Death in the Greek World From Homer to the Classical Age

ISBN-10: 0806141875
ISBN-13: 9780806141879
Edition: 2012
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Description: In our contemporary Western society, death has become taboo. Despite its inevitability, we focus on maintaining youthfulness and well-being, while fearing death’s intrusion in our daily activities. In contrast, observes Maria Serena Mirto, the  More...

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Book details

Copyright year: 2012
Publisher: University of Oklahoma Press
Publication date: 1/15/2012
Binding: Paperback
Pages: 208
Size: 5.75" wide x 9.00" long x 0.50" tall
Weight: 0.638
Language: English

In our contemporary Western society, death has become taboo. Despite its inevitability, we focus on maintaining youthfulness and well-being, while fearing death’s intrusion in our daily activities. In contrast, observes Maria Serena Mirto, the ancient Greeks embraced death more openly and effectively, developing a variety of rituals to help them grieve the dead and, in the process, alleviate anxiety and suffering. In this fascinating book, Mirto examines conceptions of death and the afterlife in the ancient Greek world, revealing few similarities—and many differences—between ancient and modern ways of approaching death.Exploring the cultural and religious foundations underlying Greek burial rites and customs, Mirto traces the evolution of these practices during the archaic and classical periods. She explains the relationship between the living and the dead as reflected in grave markers, epitaphs, and burial offerings and discusses the social and political dimensions of burial and lamentation. She also describes shifting beliefs about life after death, showing how concepts of immortality, depicted so memorably in Homer’s epics, began to change during the classical period.Death in the Greek Worldstraddles the boundary between literary and religious imagination and synthesizes observations from archaeology, visual art, philosophy, politics, and law. The author places particular emphasis on Homer’s epics, the firstliterary testimony of an understanding of death in ancient Greece. And because these stories are still so central to Western culture, her discussion casts new light on elements we thought we had already understood.Originally written and published in Italian, this English-language translation ofDeath in the Greek Worldincludes the most recent scholarship on newly discovered texts and objects, and engages the latest theoretical perspectives on the gendered roles of men and women as agents of mourning. The volume also features a new section dealing with hero cults and a new appendix outlining fundamental developments in modern studies of death in the ancient Greek world.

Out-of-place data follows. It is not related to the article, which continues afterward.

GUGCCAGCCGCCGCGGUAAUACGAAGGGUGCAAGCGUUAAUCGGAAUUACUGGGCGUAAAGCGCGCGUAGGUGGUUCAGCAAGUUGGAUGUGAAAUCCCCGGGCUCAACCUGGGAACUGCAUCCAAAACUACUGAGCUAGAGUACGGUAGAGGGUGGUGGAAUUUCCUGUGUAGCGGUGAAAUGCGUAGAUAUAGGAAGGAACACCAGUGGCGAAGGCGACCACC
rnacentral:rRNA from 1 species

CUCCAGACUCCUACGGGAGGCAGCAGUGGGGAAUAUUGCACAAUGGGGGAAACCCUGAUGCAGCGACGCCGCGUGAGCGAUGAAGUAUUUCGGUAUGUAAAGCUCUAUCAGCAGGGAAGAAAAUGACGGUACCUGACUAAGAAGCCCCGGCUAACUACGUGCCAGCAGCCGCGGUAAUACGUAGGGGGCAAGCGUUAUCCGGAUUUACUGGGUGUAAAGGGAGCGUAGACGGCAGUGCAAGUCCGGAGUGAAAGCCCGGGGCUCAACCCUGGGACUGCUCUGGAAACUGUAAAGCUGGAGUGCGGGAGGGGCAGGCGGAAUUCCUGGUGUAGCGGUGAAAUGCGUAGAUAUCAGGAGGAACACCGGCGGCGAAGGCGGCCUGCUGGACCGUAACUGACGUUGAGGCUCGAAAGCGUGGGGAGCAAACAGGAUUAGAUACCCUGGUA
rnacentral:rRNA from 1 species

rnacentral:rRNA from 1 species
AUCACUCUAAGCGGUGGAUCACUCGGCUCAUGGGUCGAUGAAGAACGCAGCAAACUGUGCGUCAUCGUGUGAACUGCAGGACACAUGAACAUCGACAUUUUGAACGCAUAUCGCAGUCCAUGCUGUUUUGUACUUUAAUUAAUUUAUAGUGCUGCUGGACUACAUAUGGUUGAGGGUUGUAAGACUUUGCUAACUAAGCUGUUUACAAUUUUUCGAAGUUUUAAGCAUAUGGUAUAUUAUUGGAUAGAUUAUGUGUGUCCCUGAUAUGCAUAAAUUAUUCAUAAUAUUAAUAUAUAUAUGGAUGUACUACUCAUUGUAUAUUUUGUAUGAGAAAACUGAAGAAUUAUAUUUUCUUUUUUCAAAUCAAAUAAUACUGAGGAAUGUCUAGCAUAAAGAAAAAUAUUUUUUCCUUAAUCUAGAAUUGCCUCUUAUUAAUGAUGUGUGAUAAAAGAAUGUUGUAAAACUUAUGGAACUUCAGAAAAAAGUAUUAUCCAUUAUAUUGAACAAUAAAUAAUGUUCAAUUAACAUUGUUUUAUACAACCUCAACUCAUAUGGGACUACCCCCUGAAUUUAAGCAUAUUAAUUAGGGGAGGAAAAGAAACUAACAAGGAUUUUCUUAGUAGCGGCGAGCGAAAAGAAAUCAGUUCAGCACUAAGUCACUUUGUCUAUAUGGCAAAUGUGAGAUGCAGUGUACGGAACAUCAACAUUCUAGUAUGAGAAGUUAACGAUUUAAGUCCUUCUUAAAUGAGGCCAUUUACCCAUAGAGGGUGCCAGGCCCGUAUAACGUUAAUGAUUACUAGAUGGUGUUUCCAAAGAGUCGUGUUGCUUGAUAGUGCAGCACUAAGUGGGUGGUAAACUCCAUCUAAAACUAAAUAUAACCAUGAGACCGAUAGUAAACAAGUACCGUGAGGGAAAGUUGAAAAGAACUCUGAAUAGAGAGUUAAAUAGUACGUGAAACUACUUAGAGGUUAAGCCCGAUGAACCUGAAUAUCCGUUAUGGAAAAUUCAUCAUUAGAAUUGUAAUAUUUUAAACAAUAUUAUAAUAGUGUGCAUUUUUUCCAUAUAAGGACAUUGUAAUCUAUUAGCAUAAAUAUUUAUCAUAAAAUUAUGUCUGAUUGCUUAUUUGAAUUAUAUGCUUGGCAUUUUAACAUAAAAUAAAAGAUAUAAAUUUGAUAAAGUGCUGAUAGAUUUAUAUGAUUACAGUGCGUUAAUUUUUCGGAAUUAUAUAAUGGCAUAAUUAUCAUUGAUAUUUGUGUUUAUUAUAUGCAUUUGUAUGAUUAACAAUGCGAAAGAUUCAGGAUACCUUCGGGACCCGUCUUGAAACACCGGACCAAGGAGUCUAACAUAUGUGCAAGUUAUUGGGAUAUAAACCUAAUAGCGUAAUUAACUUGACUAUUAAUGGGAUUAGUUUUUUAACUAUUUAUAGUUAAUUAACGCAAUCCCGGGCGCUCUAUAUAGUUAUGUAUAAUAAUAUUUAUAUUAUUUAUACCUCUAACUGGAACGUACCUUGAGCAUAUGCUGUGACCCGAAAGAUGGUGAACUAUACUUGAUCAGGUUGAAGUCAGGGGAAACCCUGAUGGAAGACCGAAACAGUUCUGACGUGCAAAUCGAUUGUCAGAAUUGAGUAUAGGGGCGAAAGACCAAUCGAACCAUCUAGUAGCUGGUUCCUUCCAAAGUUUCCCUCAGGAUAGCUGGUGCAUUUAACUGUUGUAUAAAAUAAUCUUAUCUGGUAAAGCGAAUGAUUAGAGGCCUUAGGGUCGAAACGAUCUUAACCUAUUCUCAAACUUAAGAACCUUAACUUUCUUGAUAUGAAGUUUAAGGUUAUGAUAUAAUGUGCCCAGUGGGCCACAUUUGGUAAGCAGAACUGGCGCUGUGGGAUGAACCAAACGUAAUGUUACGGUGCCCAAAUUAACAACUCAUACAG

List of Figures
Preface
Introduction
Life after Death in Popular Belief
The Psyche
Hades
Elysium
The Gods in Hades and Guides on the Voyage to the Underworld
A Revolution of Hope
Introduction
The Eleusinian Mysteries
Dionysian Initiations
The Bacchic Gold Tablets, Pindar, and other "Orphic" Evidence
Pythagorean Eschatology and the Derveni Papyrus
The Soul/Body Opposition from Pindar to Plato
The Long Farewell
Death and Contamination
Mourning Ceremonies
Cremation, Inhumation, and the Final Rites
The Final Resting Place and a New Bond
Introduction
Stelae, Monuments, and Epitaphs
Tomb Cult and Hero Cult
Making Good Use of Death
Heroic Death in Battle
The Polis and Funerary Ideology
Legislation and Funerary Regulations
Appendix: Studies of Death in Anthropology, Social History, and Psychology
Glossary
Bibliography
General Index
Index of Ancient Texts

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